Security Spotlight: Multifunction devices and the forgotten enterprise security risk
By Dennis B. Amorosano
In today’s wired workplace, the traditional office copier has evolved into a highly intelligent, multifunction device containing powerful software and storage capabilities where information is written, stored and accessed. However, this technology has also opened a potentially dangerous hole in IT security.
Despite the integral position that multifunction printers (MFP) have within a network, business owners tend to overlook the security risks inherent in these devices and focus on protecting computer-based data. Executives must recognize that the MFP of today is a network-centric device that requires careful consideration and incorporation into a holistic information security plan. Printers and MFPs have hard drives that store data similar to those on computers and mobile devices, which means that residual data remains on a printing device after recent tasks have been completed. Because data breaches can originate with information stored on a networked device or internal hard drive, much of the security measures are placed on minimizing external access to sensitive information, with little consideration to safeguarding internal weaknesses. According to the 2010 Data Breach Investigations Report, 36 percent of attacks originate from end-user devices, meaning the devices used by employees are the first point of entry for potential hackers, including printers and MFPs.
Whether an organization needs to meet the strict security demands of the private sector or comply with the stringent privacy and auditing regulations of the public sector, most print providers offer features that help form a comprehensive security solution that delivers higher levels of data protection.
So why is it that customers and corporate security professionals, in general, continue to take a minimal approach to securing their office MFPs? Today’s data—sales and anecdotal—tells a sobering tale: Customer security professionals are content with securing the hard disk drives of their office products but not much else.
While securing the hard disk drive of an MFP with some overwrite protection technology is a good first step in terms of security, it is just one action of many that should be considered if one is to seriously consider protecting sensitive data.
What most security professionals fail to consider is that while data at rest is a concern, data being actively processed is of greater significance, particularly data that is converted to paper-based form and capable of walking out the front door.
Consider the financial services company that has access to significant volumes of personally identifiable and confidential information. While your financial institution may have excellent safeguards in place to prevent unauthorized access to the systems housing this data, what about the countless employees who have the ability to see this data and print it on demand? What happens to this paper? How is it secured? What’s to prevent it from walking out the door? Can the processing of this information be flagged for review or even stopped?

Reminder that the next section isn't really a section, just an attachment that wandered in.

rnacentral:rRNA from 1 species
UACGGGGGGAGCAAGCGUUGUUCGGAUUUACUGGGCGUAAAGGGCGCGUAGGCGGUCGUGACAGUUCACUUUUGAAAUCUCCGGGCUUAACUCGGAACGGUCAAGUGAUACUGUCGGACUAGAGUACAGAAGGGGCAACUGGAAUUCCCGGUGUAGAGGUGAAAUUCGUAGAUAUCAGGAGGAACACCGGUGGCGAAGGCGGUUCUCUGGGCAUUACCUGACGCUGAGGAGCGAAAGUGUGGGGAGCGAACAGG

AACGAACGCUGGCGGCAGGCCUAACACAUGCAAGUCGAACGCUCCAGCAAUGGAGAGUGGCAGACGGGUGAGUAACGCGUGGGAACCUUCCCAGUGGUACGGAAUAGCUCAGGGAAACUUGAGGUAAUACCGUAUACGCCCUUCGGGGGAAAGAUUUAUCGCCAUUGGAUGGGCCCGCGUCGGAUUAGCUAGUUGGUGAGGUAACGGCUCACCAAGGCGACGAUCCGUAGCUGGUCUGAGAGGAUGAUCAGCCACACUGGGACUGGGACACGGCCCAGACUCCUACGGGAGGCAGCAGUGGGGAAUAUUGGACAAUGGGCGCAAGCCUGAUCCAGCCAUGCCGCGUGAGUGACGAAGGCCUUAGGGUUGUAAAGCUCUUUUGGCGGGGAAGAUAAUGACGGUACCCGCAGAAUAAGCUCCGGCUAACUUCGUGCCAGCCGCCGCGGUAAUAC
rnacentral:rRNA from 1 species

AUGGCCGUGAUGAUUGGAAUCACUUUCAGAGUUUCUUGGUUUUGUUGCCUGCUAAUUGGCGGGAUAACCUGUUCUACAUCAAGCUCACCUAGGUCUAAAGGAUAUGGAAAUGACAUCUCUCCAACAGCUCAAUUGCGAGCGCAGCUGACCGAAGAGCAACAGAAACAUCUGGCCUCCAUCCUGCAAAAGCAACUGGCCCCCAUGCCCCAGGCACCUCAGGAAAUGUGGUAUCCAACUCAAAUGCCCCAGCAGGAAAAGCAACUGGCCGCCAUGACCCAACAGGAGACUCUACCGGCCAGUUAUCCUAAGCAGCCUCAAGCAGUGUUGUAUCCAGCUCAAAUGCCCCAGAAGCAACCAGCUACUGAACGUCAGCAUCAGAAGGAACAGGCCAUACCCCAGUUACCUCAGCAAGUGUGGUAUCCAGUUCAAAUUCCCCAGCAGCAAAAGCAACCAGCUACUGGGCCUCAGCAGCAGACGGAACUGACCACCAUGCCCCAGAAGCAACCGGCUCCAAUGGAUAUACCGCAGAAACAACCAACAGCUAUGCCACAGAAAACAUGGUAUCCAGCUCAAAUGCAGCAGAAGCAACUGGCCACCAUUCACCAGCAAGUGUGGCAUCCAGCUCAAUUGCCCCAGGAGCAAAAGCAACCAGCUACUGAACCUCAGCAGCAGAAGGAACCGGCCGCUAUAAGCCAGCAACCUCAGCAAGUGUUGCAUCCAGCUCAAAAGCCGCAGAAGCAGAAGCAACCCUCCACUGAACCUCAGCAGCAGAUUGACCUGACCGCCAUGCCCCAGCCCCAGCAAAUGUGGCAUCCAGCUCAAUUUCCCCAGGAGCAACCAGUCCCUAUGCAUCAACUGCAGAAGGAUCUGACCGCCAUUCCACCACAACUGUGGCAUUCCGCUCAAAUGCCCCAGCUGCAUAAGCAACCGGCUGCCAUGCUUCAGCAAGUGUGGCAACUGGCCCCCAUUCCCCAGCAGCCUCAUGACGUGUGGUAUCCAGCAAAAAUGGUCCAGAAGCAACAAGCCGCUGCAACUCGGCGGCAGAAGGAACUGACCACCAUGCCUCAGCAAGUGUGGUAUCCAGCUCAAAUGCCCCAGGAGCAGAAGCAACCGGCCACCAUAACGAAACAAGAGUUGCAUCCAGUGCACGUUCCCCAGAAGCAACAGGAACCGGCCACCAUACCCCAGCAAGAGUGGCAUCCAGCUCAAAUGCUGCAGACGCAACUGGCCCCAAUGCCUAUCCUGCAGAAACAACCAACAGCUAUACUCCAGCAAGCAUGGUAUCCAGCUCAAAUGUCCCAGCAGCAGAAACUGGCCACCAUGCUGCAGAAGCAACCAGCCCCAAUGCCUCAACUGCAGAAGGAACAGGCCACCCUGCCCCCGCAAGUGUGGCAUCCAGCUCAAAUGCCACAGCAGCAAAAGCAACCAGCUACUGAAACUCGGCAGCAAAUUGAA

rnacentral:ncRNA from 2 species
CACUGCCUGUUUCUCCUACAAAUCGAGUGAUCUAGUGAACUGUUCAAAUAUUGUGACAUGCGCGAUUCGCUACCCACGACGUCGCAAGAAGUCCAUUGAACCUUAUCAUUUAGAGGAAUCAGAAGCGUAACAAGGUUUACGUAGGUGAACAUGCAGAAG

While it is easy to see why we might want to safeguard financial information, as we dig into other types of corporate information it becomes readily apparent that much of an organization’s assets—other than people—are embodied in the information found within the organization itself. Think about the things that your own company would value: product launch plans, patent filings, product development plans, corporate strategy documents, etc. Is your organization implementing a holistic security plan to ensure that these and other types of information aren’t being processed, copied, printed, faxed or scanned in an insecure manner?
If you can answer yes to this question, congratulations—you’re one of the few. Most companies however can’t answer this question in a manner that would permit their chief security officer to sleep well. Worse yet, most organizations don’t have a plan.
The securing of MFP and printer technology can be a complex topic of which tackling the internal hard drive is just a first step.
Dennis Amorosano is currently senior director, solutions marketing. During nearly 20 years at Canon, Amorosano has held numerous positions across Imaging Solutions Group business units. His current capacity includes the management of Canon’s initiatives in the areas of industry, environmental, security, web and customer database marketing. Amorosano is a frequent contributor to various publications, offering insight on industry trends and the role of networked digital technology with respect to workflow and information management.